Trying things outside of what I was studying gave me opportunities
It's obvious when we see it written, but hearing the term "volcanologist" had some expecting a Star Trek theme to the NYSF 2018 Session B Rotary and Alumni Night. Alas, there were no space vulcans, but there were some similarities to Jules Verne's sci-fi world from 1950s classic, 20,000 Leagues Under The Sea in the keynote presentation.
Dr Rebecca Carey is a Senior Lecturer at the University of Tasmania (UTas) and a real life volcanologist, studying the volcanoes of the world both above the land and under the sea. She attended the NYSF in 1997, and returned as keynote speaker for this event with an audience of more than 300 NYSF 2018 students, alumni and Rotary representatives.
More than 11,500 participants have attended the NYSF since 1984, with many going on to inspiring careers in science. As part of the January NSYF program, the Rotary and Alumni Night invites past program participants to talk about their experiences since attending the NYSF program. It is also an opportunity for local and visiting Rotarians to engage with the NYSF program during its delivery. Some 20,000 volunteer hours are provided to the NYSF by Rotary members across Australia each year, assisting in the student selection process or during the program, hosting home visits or supporting through mentor relationships.
A presentation from local Rotaract representative outlined the opportunities available through Rotary's youth arm, targeting 18-30 year old people.
NYSF alumna then Katie Gray talked about her study and work experiences including a project on solar cells, a summer scholarship, and attending conferences and making presentations. In 2017 she moved to Sydney, then found herself volunteering at an NYSF program for year 7-8 students in Adelaide and loving teaching. She told the students, “We don't need to focus on one career. We can focus on the multiple, fulfilling opportunities out there. You are the ones who work hard enough to be presented with these opportunities.”
Now Katie is settled in at Quantium after a summer internship working with data, product trends, insurance, marketing, business strategy, coding and science - and while she doesn't want to be a teacher ... "Maybe I can just volunteer for NYSF’s STEM Explorer program for rest of my life,” she joked.
William Nak is 2010 alumnus and is using his science experience to solve Australia's housing affordability crisis - by growing avocado in a laboratory. The PhD project he has taken on since graduating from a science degree at University of Queensland involves manipulating gene expression in the avocado. The goal is to develop a spray which will turn off the genes to trick the plant into growing differently.
Melody Dobrinin is 2008 NYSF alumna who boasts Google, Cambridge and a start-up on her resume since her time at NYSF. Melody talked about passion - specifically the overuse of the word during high school and early career and the preference to explore, observe, dream and take action.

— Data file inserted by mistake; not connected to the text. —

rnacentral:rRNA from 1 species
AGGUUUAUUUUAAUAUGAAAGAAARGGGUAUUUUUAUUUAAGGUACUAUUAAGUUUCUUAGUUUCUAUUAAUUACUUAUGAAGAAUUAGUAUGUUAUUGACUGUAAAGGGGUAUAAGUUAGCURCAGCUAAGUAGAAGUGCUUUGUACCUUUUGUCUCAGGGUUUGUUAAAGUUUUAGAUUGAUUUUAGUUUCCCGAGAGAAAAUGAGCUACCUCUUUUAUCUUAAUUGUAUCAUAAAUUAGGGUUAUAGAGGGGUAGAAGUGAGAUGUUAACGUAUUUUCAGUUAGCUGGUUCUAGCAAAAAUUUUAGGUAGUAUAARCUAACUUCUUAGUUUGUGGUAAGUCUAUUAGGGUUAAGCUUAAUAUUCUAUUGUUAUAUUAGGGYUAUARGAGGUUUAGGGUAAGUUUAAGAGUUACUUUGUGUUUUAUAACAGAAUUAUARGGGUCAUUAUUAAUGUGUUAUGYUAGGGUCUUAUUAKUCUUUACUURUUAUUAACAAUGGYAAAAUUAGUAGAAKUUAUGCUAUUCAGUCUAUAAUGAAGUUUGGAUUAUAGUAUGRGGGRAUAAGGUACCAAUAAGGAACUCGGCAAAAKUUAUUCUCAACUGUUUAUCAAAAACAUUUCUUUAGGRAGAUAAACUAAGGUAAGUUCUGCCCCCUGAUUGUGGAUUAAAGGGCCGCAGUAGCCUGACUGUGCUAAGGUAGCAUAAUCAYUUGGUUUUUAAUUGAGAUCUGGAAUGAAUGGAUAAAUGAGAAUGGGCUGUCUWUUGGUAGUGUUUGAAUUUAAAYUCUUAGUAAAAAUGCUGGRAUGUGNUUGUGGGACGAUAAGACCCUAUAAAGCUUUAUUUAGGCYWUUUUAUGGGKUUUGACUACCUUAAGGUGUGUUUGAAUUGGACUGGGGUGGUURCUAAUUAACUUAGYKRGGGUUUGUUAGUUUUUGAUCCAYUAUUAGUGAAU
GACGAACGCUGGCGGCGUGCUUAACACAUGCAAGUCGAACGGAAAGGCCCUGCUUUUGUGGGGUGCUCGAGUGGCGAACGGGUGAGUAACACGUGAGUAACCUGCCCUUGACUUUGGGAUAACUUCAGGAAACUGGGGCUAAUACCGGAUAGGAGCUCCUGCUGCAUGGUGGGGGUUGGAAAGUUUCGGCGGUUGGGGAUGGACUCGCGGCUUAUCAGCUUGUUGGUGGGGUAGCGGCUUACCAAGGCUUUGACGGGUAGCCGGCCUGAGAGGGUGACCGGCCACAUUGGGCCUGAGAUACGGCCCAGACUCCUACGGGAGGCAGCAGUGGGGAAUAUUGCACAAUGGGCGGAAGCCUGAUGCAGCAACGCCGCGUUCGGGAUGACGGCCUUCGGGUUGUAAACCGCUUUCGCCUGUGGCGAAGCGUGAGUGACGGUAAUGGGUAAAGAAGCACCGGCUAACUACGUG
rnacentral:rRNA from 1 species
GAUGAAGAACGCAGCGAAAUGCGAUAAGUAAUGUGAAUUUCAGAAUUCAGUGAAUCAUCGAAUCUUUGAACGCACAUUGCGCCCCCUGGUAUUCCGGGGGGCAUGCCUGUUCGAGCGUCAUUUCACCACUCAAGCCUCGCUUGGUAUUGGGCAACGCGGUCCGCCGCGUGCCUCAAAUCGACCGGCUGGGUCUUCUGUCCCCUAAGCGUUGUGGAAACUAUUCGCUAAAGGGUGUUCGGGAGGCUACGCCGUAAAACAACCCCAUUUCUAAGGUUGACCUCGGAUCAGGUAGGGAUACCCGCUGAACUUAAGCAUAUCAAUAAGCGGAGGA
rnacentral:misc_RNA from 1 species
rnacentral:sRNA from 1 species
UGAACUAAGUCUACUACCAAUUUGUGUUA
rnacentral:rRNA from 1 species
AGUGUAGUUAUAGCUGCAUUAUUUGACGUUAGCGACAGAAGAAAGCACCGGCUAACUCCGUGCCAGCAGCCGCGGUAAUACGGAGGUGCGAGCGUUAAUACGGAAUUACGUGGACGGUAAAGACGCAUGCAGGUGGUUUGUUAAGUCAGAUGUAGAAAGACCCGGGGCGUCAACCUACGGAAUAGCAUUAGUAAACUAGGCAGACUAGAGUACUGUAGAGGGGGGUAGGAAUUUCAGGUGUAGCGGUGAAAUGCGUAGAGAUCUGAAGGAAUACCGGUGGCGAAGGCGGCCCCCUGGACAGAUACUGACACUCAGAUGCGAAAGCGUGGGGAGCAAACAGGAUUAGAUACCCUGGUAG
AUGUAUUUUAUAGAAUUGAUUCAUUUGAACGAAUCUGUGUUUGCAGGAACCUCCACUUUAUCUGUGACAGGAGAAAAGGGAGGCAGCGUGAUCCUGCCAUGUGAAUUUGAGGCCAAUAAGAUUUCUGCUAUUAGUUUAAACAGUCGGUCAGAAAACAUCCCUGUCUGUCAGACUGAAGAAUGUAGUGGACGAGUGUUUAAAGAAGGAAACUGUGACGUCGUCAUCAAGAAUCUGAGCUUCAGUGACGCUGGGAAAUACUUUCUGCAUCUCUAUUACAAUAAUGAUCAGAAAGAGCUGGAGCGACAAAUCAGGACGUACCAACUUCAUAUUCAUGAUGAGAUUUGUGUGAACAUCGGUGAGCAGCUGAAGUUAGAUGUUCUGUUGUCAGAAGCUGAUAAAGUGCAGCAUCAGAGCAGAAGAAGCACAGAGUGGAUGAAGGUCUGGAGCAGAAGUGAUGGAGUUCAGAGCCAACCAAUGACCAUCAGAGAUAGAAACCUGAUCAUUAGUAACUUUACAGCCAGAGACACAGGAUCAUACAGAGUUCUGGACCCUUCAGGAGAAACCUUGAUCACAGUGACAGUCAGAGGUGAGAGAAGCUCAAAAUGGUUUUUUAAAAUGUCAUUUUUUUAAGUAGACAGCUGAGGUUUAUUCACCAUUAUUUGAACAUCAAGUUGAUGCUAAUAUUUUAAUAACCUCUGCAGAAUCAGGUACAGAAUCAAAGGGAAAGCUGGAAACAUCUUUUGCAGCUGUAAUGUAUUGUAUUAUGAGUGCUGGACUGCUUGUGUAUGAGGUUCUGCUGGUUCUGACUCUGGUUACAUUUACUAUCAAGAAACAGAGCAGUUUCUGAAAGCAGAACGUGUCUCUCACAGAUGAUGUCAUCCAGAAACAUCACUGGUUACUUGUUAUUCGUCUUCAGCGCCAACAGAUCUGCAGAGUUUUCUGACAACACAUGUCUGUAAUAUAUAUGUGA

Melody said that her international Rotary Exchange was a life changing experience but deciding between a career in musical theatre and medicine led to a degree in speech pathology ... followed closely by the certainty of not wanting to be a speech pathologist. It led however to linguistics research and a stint as a project manager at Google working on Australia's version of the Google Assist App from London. Melody is also the founder of start-up, Noshable, an app to help those with food intolerances find local options.
“Trying things outside of what I was studying gave me the opportunities, and led me on a path to some pretty cool things.”
The evening's keynote speaker Dr Rebecca Carey finished the night with a presentation that left the audience in awe, inspired for what the possibilities a career in science can bring. Dr Carey shared video of the floor of the ocean shot by a driverless vehicle at the site of a 2012 volcano eruption. Research in this area is so new that discoveries are made with every visit to the sea floor - new species, deeper valleys, new eruptions and rock formations incorrectly mapped by satellites.
The conversion between the value of Australian and US dollar forced Rebecca to take on a job in Hawaii while studying there. This led to unique experience which couldn't have been gathered anywhere but Hawaii - a risk turning out to be an investment in her future career. It has taken 15 years and two ARC fellowship grants which finally led to a permanent academic position at the University of Tasmania, a role with a satisfying combination of teaching and research.
Dr Carey advised the students to actively seek our mentors, engaging with their work and understanding it. “Challenge yourself and learn new skills when you’re young while people are available to help you. As you get older, there are less people to help you!”
The evening finished with networking in the foyer of the Advanced Engineering Building where the NYSF 2018 students had the chance to meet alumni and Rotary volunteers.
NYSF 2018 Session B is supported through funding from the Department of Industry, Innovation and Science as part of the National Innovation and Science Agenda (NISA) – Inspiring a nation of scientists.”